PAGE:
LONDON (AP) — Britain's High Court ruled Friday that three Kenyans tortured during the Mau Mau rebellion against British colonial rule can proceed with compensation claims against the British government.
The case involves Kenyans who say they were beaten and sexually assaulted by officers acting for the British administration trying to suppress the "Mau Mau" rebellion in the 1950s. Groups of Kenyans had attacked British officials and white farmers who had settled in some of Kenya's most fertile lands.
The British government expressed disappointment with the decision, though it stressed that it did "not dispute that each of the claimants in this case suffered torture and other ill treatment at the hands of the Colonial Administration."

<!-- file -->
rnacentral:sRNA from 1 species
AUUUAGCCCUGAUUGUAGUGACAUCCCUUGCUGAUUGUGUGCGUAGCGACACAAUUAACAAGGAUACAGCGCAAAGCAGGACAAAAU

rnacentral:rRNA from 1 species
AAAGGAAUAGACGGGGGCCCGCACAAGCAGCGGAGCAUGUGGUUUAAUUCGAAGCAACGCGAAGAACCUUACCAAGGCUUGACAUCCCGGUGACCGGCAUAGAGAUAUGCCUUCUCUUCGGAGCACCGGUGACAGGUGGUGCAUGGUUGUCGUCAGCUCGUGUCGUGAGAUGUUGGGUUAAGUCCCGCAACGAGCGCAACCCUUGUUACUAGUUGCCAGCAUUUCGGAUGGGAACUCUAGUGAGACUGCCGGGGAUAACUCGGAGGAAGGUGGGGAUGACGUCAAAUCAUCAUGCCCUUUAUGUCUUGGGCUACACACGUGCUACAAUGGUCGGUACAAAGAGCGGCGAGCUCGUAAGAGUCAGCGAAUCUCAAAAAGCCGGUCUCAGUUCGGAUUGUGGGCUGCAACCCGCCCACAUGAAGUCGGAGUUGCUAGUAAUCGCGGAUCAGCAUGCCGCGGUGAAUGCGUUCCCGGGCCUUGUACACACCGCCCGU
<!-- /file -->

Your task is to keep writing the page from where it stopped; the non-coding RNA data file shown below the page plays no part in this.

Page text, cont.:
The government sought to have the case dismissed, arguing it could not be held legally responsible for the long-ago abuses. It argued that the liabilities of the colonial administration passed to the Kenyan government on independence in 1963.
"The normal time limit for bringing a civil action is three to six years," the Foreign Office said in a statement. "In this case, that period has been extended to over 50 years despite the fact that the key decision makers are dead and unable to give their account of what happened."
The Kenyans say the British were aware the Kenyans were being mistreated, and want compensation.
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